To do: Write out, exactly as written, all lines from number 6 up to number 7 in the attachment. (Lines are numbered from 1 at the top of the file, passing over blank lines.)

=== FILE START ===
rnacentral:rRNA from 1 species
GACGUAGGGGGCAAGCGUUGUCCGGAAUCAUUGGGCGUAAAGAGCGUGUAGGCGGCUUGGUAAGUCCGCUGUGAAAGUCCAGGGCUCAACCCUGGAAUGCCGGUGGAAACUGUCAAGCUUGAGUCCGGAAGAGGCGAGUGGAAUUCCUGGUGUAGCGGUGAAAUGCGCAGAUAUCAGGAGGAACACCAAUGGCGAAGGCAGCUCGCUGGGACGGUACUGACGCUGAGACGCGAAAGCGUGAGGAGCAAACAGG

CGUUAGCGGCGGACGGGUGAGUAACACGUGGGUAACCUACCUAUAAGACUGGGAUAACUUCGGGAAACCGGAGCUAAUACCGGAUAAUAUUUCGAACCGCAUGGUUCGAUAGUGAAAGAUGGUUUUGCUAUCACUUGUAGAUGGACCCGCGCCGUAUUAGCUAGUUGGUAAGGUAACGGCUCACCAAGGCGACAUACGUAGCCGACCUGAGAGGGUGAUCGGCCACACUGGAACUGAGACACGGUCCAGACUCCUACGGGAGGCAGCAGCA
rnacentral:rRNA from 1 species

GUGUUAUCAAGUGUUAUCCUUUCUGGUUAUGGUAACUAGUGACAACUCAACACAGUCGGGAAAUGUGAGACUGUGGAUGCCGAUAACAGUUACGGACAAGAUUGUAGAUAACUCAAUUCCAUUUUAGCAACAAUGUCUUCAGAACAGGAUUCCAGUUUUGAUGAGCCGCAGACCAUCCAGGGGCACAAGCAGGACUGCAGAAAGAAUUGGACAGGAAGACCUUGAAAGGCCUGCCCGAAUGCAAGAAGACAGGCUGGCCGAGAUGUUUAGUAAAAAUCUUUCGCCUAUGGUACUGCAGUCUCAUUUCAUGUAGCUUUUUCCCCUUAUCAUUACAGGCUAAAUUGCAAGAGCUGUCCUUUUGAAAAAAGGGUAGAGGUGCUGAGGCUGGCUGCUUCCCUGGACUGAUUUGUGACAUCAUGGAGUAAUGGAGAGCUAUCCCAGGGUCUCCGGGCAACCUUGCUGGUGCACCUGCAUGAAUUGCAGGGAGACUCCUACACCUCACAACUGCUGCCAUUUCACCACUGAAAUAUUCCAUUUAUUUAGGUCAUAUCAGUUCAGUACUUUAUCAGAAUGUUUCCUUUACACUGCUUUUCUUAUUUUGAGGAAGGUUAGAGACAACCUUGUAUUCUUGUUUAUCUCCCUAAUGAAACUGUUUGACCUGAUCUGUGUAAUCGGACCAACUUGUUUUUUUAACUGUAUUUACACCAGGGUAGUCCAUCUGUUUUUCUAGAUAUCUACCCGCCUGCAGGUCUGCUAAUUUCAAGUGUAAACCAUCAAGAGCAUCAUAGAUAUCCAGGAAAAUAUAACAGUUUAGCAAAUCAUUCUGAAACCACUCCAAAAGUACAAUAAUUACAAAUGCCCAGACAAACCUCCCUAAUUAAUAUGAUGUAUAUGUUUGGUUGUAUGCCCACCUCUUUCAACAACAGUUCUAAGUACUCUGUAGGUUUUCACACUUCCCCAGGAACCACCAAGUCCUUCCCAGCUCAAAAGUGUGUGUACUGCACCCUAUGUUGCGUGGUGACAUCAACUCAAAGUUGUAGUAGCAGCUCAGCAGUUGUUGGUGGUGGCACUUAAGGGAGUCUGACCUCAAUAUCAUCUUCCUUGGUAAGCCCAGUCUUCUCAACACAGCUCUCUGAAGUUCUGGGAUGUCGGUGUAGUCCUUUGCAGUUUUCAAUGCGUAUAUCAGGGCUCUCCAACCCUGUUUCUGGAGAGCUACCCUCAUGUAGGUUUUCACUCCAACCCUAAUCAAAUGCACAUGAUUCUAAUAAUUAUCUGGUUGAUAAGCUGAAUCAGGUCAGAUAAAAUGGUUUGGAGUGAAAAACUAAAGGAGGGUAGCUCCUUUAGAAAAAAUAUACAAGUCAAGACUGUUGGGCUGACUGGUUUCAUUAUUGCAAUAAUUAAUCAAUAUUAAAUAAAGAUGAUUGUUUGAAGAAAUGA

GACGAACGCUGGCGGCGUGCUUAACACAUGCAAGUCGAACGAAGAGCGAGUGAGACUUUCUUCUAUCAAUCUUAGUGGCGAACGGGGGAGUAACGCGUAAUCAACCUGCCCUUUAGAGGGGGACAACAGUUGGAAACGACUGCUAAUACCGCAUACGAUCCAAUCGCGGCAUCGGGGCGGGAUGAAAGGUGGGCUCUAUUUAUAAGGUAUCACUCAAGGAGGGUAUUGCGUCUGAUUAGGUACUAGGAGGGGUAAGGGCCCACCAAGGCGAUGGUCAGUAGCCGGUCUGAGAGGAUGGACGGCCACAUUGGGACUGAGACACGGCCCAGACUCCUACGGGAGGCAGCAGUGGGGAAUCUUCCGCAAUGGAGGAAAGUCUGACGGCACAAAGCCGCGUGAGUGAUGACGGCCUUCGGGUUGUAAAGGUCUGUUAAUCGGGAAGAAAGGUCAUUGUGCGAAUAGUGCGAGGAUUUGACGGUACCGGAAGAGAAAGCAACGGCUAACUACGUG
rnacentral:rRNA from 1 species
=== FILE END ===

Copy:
GACGAACGCUGGCGGCGUGCUUAACACAUGCAAGUCGAACGAAGAGCGAGUGAGACUUUCUUCUAUCAAUCUUAGUGGCGAACGGGGGAGUAACGCGUAAUCAACCUGCCCUUUAGAGGGGGACAACAGUUGGAAACGACUGCUAAUACCGCAUACGAUCCAAUCGCGGCAUCGGGGCGGGAUGAAAGGUGGGCUCUAUUUAUAAGGUAUCACUCAAGGAGGGUAUUGCGUCUGAUUAGGUACUAGGAGGGGUAAGGGCCCACCAAGGCGAUGGUCAGUAGCCGGUCUGAGAGGAUGGACGGCCACAUUGGGACUGAGACACGGCCCAGACUCCUACGGGAGGCAGCAGUGGGGAAUCUUCCGCAAUGGAGGAAAGUCUGACGGCACAAAGCCGCGUGAGUGAUGACGGCCUUCGGGUUGUAAAGGUCUGUUAAUCGGGAAGAAAGGUCAUUGUGCGAAUAGUGCGAGGAUUUGACGGUACCGGAAGAGAAAGCAACGGCUAACUACGUG
rnacentral:rRNA from 1 species